Kim DelGross coaching her daughter (photo by Naomi Masina)
Is the person leading technique class also—gulp—your mother? Here’s the good news: Having a parent as a dance teacher comes with many advantages. “From a young age, I had a built-in manager who knew the ins and outs of the business,” says tapper Donovan Helma, who grew up dancing with his mom in Denver before performing in Tap Dogs on and off for 10 years. However, finding a balance between “home mom” and “dance mom” is difficult, and you might feel singled out by classmates for being the teacher’s child(/pet). Here’s how to deal with the difficult issues that can arise when your parent’s also your instructor.
Establish Respect in the Studio
Developing a healthy teacher–student relationship with your mom is crucial to maintaining a supportive studio environment. Start by agreeing that the rules of the classroom apply to all students—you included. “My mom worked hard to treat me just like the other kids,” Helma explains. “If I missed a certain number of ballet classes, I was kicked out of the company. If I goofed off, I was punished the same way the other kids were.” Sometimes your mom might actually be tougher on you to prove she’s not playing favorites, which can feel demoralizing. “It’ll be common to have miscommunications between you and your mom about how you want to operate in the classroom,” says Dr. Kate Hays, a sports and performance psychologist. Keep the lines of communication open, so that you can tell your mom when you feel uncomfortable—and she can tell you when you’re truly out of line. Hays even suggests developing subtle, nonverbal signals (a head nod for “nice work,” a finger by the ear for “pay attention”) that’ll allow you to check in with each other during class.
Plan Conversations Outside the Studio
Are things getting really frustrating in the studio? Don’t try to hash out larger problems immediately after class, when emotions are high. Instead, set aside time to talk to your mom at home. In fact, scheduling regular meetings to discuss your technique, your goals and your feelings about dance is a great way to keep your relationship on track. “On our drives home from the studio, my mom and I often discussed corrections or compliments I’d received in class,” says Elisabeth Champion, a principal at Central West Ballet who studied at her mom’s studio in Kentucky. “She’d always lead with ‘I’m saying this from a teacher’s perspective,’ so I’d understand she wasn’t being Mom in that moment.”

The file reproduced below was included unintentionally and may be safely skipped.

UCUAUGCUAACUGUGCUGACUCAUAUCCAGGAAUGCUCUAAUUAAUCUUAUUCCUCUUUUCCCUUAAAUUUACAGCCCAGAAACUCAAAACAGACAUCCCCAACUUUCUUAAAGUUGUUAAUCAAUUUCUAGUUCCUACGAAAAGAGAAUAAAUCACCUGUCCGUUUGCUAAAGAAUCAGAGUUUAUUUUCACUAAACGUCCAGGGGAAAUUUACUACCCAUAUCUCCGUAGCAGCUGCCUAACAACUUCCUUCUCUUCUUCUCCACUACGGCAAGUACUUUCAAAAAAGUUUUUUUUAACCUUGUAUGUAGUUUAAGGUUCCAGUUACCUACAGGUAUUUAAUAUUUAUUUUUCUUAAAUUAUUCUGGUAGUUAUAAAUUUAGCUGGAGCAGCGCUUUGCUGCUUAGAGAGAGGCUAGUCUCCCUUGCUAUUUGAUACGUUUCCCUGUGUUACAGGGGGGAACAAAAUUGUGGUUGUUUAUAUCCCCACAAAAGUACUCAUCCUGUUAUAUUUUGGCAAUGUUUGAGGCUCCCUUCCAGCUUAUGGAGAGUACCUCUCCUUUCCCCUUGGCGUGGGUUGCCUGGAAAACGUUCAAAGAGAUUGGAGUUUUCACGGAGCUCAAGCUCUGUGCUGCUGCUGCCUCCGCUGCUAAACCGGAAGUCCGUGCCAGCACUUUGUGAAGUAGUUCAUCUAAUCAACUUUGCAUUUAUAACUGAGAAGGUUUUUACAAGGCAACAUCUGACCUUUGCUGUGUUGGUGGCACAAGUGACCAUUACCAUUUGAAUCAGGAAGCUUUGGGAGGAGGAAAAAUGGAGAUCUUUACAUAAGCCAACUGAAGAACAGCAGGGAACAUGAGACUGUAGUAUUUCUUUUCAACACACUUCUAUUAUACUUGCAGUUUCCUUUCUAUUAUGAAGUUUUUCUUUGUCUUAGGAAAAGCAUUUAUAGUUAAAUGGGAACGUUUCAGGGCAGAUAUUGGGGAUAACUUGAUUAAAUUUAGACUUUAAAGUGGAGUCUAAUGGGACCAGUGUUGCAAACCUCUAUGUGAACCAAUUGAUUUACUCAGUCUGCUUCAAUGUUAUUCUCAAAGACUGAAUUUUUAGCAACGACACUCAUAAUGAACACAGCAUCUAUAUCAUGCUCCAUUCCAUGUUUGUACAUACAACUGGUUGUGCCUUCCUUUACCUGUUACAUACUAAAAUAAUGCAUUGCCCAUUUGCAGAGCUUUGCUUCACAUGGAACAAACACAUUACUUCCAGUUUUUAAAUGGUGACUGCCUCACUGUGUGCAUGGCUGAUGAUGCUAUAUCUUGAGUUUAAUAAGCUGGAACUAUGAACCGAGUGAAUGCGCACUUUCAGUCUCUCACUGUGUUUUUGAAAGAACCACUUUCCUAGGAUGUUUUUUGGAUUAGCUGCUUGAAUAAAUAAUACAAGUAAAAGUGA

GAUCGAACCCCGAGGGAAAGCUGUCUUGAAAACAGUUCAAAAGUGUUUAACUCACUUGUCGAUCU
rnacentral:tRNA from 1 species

As you get older, you may decide that you want to branch out and study with a different instructor, or start to feel less enthusiastic about dance—subjects that can be difficult to
Elisabeth Champion with her mom—and former dance teacher (photo by Adelina Milano/Milano Photography, courtesy Milano)
broach with your teacher mom. “It’s common to feel like you’re not your own person when your parents’ feelings are at stake,” Hays says. She recommends preparing for fraught conversations by creating pro-and-con lists or specific written notes, to show that you’ve put thought and care into your decisions. Sometimes it’ll be your mom who initiates those difficult conversations. Be open to what she has to say. When Champion was 12, for example, her mother suggested that she audition for the Cincinnati Ballet’s Otto M. Budig Academy. “I was pretty nervous to go to a different school because I had only ever had my mom,” Champion says. But the discomfort was worth it. “To have another teacher offer me corrections and give me praise was eye-opening,” Champion says. “Ultimately my mom gave me the freedom to decide whether or not I wanted to attend. It was an important step on my career path.”
Cultivate Mom-Free Friendships
Making friends at your parent’s studio can be difficult, especially if your classmates feel like you’re being favored. “Sometimes, the other students would be bitter when I’d get a role, or they’d gripe at me about casting,” Helma says. The key here is a change of scenery: Let the other dancers get to know you outside the studio (and outside your home), where your mom isn’t part of the picture. Choose another activity—bowling, going to the movies, shopping—that gives you a chance to hang out without the pressure of having mom there.
And if you’re not getting along with the other students, you can always—counterintuitive as it may seem—bring up the subject with Mom. “This is one of the advantages of having a mother who is a dancer: Odds are good she’s been in similar circumstances,” Hays says. “She might have really helpful advice.”
It’s summer-intensive audition season, and you’re ready to go. You’ve got your head shots, your dance shots and your resumé prepped and polished. You’re in the best physical shape of your life—you’ve been nailing your turns, and your leaps have never been higher. You’re cool, confident and totally collected.